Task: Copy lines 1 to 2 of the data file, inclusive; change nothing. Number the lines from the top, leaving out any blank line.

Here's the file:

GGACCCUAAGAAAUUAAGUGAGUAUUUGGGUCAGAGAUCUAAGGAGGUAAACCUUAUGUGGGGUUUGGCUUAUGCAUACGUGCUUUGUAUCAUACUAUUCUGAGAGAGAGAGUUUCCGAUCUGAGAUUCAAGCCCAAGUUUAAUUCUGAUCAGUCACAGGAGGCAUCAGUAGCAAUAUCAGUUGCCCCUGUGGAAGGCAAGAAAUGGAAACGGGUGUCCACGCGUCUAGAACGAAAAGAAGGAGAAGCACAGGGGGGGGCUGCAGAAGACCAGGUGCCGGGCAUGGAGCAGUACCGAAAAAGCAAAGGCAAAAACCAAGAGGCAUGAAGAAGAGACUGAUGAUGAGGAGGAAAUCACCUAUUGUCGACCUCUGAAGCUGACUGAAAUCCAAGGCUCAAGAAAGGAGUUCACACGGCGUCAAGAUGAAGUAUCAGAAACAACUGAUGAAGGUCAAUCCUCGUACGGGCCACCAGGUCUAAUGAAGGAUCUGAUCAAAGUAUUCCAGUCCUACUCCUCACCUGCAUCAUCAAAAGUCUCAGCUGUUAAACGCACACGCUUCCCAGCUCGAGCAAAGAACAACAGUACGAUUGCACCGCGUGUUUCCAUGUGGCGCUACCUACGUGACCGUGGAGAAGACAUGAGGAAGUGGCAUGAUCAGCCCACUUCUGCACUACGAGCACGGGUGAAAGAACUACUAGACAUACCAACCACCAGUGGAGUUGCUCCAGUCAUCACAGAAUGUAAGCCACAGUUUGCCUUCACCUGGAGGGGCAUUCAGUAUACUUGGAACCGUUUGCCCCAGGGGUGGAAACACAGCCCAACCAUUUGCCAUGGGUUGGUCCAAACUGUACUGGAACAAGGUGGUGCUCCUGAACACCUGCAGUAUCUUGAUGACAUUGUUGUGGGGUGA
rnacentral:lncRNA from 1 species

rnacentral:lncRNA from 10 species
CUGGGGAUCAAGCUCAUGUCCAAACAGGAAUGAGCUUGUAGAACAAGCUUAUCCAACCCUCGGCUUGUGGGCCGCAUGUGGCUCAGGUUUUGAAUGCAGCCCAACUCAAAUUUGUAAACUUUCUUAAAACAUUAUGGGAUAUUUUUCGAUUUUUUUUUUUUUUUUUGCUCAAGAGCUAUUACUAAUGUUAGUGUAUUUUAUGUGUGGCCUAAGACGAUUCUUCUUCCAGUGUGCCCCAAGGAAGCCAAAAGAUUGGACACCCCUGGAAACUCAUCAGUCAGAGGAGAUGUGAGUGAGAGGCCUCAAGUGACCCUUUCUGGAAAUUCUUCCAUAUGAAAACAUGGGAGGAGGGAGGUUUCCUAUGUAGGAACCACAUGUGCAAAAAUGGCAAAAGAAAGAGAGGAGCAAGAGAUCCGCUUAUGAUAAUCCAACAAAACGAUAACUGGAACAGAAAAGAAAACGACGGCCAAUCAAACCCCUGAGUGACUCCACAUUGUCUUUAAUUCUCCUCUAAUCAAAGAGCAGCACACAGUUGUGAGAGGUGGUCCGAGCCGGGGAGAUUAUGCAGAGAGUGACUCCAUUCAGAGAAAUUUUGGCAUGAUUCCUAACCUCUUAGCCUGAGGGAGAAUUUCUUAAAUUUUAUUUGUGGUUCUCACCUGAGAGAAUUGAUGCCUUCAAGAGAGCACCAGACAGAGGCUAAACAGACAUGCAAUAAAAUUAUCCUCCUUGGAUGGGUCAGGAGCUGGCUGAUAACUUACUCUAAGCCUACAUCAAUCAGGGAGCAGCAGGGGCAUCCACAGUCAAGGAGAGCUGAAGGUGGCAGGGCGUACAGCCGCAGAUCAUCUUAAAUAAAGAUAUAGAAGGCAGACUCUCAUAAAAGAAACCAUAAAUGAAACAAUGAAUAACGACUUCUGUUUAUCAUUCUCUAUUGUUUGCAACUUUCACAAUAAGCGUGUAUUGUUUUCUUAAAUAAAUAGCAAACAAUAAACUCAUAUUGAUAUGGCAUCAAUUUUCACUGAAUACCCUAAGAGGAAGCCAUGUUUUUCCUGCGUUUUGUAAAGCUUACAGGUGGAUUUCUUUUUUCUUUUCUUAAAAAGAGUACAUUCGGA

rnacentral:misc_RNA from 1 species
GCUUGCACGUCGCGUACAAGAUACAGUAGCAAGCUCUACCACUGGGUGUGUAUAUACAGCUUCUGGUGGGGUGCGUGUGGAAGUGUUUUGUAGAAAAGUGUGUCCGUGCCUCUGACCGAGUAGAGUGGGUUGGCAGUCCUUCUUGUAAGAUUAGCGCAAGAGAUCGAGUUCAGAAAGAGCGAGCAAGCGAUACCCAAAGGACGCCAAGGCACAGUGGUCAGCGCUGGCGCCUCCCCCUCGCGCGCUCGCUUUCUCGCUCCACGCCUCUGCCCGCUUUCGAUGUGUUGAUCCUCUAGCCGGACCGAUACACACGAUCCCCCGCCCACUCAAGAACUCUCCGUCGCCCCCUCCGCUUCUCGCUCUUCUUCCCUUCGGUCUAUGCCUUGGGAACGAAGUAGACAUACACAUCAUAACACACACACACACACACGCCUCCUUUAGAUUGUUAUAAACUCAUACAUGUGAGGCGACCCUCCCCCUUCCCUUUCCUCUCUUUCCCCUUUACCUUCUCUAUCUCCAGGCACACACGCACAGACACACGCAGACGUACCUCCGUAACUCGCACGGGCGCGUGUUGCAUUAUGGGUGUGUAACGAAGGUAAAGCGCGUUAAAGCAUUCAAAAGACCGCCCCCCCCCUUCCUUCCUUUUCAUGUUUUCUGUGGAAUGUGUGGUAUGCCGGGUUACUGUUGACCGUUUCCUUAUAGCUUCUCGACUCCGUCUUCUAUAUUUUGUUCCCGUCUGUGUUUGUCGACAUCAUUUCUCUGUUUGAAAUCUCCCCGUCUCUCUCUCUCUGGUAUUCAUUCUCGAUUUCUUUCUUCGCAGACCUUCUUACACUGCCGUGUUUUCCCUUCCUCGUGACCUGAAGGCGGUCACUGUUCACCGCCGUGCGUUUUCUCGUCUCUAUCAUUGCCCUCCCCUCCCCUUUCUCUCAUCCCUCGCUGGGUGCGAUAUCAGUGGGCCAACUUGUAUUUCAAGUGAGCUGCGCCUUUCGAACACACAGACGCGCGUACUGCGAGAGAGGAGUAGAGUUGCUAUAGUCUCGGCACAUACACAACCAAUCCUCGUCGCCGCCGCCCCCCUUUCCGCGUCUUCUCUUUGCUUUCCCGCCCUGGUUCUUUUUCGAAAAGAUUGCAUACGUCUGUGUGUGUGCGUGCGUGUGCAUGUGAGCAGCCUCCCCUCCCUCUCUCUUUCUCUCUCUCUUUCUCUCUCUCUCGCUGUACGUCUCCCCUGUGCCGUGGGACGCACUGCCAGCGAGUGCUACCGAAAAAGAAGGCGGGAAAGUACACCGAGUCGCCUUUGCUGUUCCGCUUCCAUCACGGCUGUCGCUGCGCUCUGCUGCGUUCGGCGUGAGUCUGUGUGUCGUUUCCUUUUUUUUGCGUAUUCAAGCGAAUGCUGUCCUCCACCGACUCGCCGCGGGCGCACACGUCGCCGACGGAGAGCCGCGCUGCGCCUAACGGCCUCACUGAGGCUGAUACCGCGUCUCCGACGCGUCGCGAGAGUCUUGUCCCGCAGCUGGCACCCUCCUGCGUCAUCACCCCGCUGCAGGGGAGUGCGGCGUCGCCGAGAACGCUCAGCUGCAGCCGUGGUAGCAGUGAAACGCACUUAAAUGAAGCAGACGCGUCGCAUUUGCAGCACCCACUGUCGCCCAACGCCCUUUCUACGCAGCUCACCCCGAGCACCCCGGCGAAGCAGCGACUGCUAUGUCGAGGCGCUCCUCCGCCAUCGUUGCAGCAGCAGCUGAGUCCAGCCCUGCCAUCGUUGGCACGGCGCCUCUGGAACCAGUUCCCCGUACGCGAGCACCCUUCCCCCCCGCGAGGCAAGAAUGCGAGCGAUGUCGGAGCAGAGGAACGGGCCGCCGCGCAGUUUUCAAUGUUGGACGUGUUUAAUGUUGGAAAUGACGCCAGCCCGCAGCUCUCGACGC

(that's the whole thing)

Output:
GGACCCUAAGAAAUUAAGUGAGUAUUUGGGUCAGAGAUCUAAGGAGGUAAACCUUAUGUGGGGUUUGGCUUAUGCAUACGUGCUUUGUAUCAUACUAUUCUGAGAGAGAGAGUUUCCGAUCUGAGAUUCAAGCCCAAGUUUAAUUCUGAUCAGUCACAGGAGGCAUCAGUAGCAAUAUCAGUUGCCCCUGUGGAAGGCAAGAAAUGGAAACGGGUGUCCACGCGUCUAGAACGAAAAGAAGGAGAAGCACAGGGGGGGGCUGCAGAAGACCAGGUGCCGGGCAUGGAGCAGUACCGAAAAAGCAAAGGCAAAAACCAAGAGGCAUGAAGAAGAGACUGAUGAUGAGGAGGAAAUCACCUAUUGUCGACCUCUGAAGCUGACUGAAAUCCAAGGCUCAAGAAAGGAGUUCACACGGCGUCAAGAUGAAGUAUCAGAAACAACUGAUGAAGGUCAAUCCUCGUACGGGCCACCAGGUCUAAUGAAGGAUCUGAUCAAAGUAUUCCAGUCCUACUCCUCACCUGCAUCAUCAAAAGUCUCAGCUGUUAAACGCACACGCUUCCCAGCUCGAGCAAAGAACAACAGUACGAUUGCACCGCGUGUUUCCAUGUGGCGCUACCUACGUGACCGUGGAGAAGACAUGAGGAAGUGGCAUGAUCAGCCCACUUCUGCACUACGAGCACGGGUGAAAGAACUACUAGACAUACCAACCACCAGUGGAGUUGCUCCAGUCAUCACAGAAUGUAAGCCACAGUUUGCCUUCACCUGGAGGGGCAUUCAGUAUACUUGGAACCGUUUGCCCCAGGGGUGGAAACACAGCCCAACCAUUUGCCAUGGGUUGGUCCAAACUGUACUGGAACAAGGUGGUGCUCCUGAACACCUGCAGUAUCUUGAUGACAUUGUUGUGGGGUGA
rnacentral:lncRNA from 1 species